[Haskellcafe] Re: what is inverse of mzero and return?
Ross Paterson
ross at soi.city.ac.uk
Tue Jan 25 07:16:56 EST 2005
On Mon, Jan 24, 2005 at 09:23:29PM +0100, Daniel Fischer wrote:
 We face a severe problem here, not only that IO a is not an instance of Eq,
 which takes this whole discussion outside the realm of Haskell, on top of that
 we find the horrible fact that x /= x may be true in the IO Monad, consider

 x = getLine >>= putStrLn

 or anything similar  actually we already have getChar /= getChar
 and that holds whether we just consider the values returned by an IO
 action or take the action performed into account.
Eq is a bit of a red herring: function types don't belong to it either,
and yet we can still prove that two functions are equal. IO t is an
abstract type, but it can still be thought of as having values (distinct
from the values of type t, of course).
Suppose we take a concrete IO type (simplified by omitting exceptions):
> import Prelude hiding (IO, putChar, getChar)
> import qualified Prelude
> import Control.Monad
> type IO = Resumption SysCall
> data Resumption f a
> = Return a
>  Resume (f (Resumption f a))
> data SysCall a
> = GetChar (Char > a)
>  PutChar Char a
This encodes the idea that an IO computation either returns a value or
some instruction to the system, with a continuation to be entered after
the corresponding operation has been run.
We can define a monad instance for this type:
> instance Functor f => Monad (Resumption f) where
> return = Return
> Return v >>= f = f v
> Resume c >>= f = Resume (fmap (>>= f) c)
> instance Functor SysCall where
> fmap f (GetChar k) = GetChar (f . k)
> fmap f (PutChar c a) = PutChar c (f a)
and we can define the familiar operations:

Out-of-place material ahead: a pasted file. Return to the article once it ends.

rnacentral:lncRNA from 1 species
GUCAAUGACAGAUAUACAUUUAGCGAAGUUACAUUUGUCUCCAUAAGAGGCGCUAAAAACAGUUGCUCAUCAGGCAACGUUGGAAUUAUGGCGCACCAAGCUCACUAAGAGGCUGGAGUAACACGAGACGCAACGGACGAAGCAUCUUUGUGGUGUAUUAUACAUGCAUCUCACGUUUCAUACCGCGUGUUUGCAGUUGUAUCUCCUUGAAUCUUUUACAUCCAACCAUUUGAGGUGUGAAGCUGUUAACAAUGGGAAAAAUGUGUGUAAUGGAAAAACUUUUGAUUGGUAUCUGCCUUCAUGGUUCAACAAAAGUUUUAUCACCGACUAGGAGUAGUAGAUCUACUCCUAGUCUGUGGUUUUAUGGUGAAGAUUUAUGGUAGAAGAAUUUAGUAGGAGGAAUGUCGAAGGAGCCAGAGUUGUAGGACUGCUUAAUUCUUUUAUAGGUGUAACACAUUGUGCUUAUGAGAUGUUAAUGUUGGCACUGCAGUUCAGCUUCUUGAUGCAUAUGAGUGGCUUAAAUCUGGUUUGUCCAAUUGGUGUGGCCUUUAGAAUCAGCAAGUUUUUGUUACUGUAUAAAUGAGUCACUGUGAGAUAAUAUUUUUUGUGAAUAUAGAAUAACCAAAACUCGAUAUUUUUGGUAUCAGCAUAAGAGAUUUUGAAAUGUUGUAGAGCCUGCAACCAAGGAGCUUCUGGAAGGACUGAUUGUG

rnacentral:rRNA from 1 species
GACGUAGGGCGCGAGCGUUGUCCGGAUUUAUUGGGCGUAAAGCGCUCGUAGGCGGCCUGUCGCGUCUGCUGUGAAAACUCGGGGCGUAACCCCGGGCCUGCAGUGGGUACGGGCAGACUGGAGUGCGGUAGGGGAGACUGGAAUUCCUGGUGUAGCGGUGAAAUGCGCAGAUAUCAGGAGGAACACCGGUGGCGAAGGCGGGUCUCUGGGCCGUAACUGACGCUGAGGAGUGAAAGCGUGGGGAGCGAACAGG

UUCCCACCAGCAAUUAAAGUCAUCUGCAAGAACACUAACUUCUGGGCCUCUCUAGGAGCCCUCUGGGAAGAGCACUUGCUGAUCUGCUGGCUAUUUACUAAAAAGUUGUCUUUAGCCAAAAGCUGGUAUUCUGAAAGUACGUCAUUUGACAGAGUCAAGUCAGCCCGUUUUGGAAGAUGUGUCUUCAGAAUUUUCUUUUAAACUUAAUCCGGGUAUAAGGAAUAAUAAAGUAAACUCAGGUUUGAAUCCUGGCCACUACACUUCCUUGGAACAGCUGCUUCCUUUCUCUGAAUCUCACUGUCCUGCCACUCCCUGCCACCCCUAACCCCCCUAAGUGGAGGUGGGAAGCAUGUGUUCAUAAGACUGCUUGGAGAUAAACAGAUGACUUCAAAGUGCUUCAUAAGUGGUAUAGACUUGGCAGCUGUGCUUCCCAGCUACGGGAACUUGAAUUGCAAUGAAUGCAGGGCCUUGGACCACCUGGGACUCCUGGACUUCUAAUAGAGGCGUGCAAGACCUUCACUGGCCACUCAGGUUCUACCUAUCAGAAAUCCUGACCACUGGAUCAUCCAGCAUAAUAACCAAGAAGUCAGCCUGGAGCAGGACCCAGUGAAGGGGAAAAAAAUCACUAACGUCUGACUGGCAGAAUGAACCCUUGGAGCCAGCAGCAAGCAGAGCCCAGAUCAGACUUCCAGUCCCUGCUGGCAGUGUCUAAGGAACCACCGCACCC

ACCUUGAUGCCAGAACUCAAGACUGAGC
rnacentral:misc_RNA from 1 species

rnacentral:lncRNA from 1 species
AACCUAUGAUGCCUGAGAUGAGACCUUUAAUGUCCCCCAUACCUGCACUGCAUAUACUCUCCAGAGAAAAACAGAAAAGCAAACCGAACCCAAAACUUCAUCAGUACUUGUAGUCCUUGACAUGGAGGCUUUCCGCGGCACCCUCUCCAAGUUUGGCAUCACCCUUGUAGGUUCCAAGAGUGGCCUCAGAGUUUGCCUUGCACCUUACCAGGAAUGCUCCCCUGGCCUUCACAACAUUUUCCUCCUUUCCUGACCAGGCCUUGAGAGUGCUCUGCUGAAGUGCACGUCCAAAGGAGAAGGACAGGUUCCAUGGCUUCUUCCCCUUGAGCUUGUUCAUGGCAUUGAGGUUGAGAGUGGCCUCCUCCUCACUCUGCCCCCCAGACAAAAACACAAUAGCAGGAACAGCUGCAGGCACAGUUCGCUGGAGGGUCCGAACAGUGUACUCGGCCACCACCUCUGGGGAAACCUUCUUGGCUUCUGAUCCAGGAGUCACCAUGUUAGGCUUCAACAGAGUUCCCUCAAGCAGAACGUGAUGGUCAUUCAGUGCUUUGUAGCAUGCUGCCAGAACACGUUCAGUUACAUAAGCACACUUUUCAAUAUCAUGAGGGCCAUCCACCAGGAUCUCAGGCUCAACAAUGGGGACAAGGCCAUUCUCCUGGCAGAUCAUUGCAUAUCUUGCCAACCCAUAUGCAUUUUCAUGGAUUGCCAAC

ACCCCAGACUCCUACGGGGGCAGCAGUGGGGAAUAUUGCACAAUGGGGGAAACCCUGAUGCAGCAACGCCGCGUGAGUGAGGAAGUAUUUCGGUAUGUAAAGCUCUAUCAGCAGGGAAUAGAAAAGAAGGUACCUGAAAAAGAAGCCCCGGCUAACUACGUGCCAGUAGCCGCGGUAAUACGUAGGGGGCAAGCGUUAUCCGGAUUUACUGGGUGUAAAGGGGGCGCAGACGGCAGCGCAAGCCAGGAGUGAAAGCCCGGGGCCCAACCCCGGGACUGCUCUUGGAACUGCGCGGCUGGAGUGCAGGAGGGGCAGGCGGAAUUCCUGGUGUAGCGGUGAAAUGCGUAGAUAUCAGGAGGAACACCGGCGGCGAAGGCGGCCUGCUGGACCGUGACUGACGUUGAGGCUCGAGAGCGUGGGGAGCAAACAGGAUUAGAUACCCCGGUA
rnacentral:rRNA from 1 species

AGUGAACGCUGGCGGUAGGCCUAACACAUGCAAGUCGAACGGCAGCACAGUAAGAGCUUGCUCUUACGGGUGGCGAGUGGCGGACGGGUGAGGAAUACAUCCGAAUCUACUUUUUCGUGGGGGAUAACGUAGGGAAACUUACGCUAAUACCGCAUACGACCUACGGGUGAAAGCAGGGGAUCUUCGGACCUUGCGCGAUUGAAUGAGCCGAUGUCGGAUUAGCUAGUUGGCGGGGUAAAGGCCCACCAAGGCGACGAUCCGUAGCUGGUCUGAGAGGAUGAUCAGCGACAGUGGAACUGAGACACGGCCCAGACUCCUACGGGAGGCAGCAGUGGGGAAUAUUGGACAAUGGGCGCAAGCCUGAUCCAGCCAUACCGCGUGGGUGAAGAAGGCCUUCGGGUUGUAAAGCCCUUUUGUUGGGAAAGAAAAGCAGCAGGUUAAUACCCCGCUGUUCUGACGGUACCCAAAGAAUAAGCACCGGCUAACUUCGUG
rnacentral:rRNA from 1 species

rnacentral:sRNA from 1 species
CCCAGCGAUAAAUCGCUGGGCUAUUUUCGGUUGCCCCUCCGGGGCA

> getChar :: IO Char
> getChar = Resume (GetChar Return)
> putChar :: Char > IO ()
> putChar c = Resume (PutChar c (Return ()))
and you can write programs as before, except that now they construct
values of the concrete IO type. Because the type is concrete, you can
say whether or not two values of type IO t are equal (even though it's
not in Eq either).
But how do you do anything with values of the madeup IO type? With the
builtin IO type, we say the external system grabs the result of main
and does something mysterious with it. We can do that with this type
too, except that the first part of the execution of the action is to
transform the concrete type into the builtin IO type:
> toIO :: IO a > Prelude.IO a
> toIO (Return a) = return a
> toIO (Resume c) = doSysCall c >>= toIO
> doSysCall :: SysCall a > Prelude.IO a
> doSysCall (GetChar k) = do
> c < Prelude.getChar
> return (k c)
> doSysCall (PutChar c m) = do
> Prelude.putChar c
> return m
Now one can prove that toIO is a monad transformation that preserves
the primitives (ignoring some pesky liftings of types):
toIO (return x) = return x
toIO (a >>= f) = toIO a >>= (toIO . f)
toIO getChar = Prelude.getChar
toIO (putChar c) = Prelude.putChar c
For example, here's the proof for getChar:
toIO getChar
= { definition of getChar }
toIO (Resume (GetChar Return))
= { definition of toIO }
doSysCall (GetChar Return) >>= toIO
= { definition of doSysCall }
(Prelude.getChar >>= \c > return (Return c)) >>= toIO
= { monad associativity law }
Prelude.getChar >>= (\c > return (Return c) >>= toIO)
= { monad left identity law }
Prelude.getChar >>= \c > toIO (Return c)
= { definition of toIO }
Prelude.getChar >>= \c > return c
= { monad right identity law }
Prelude.getChar
so we can push toIO all the way down the program we wrote, and any
equation we can prove between values of the concrete type becomes
an equation between values of the builtin one. There may be other
equations one could postulate for the abstract type, but they require
operational reasoning about the effect of operations on the system 
they're external to Haskell.
To talk about mzero and mplus, we'd need to extend the concrete IO type
with exceptions, but that's not too hard.
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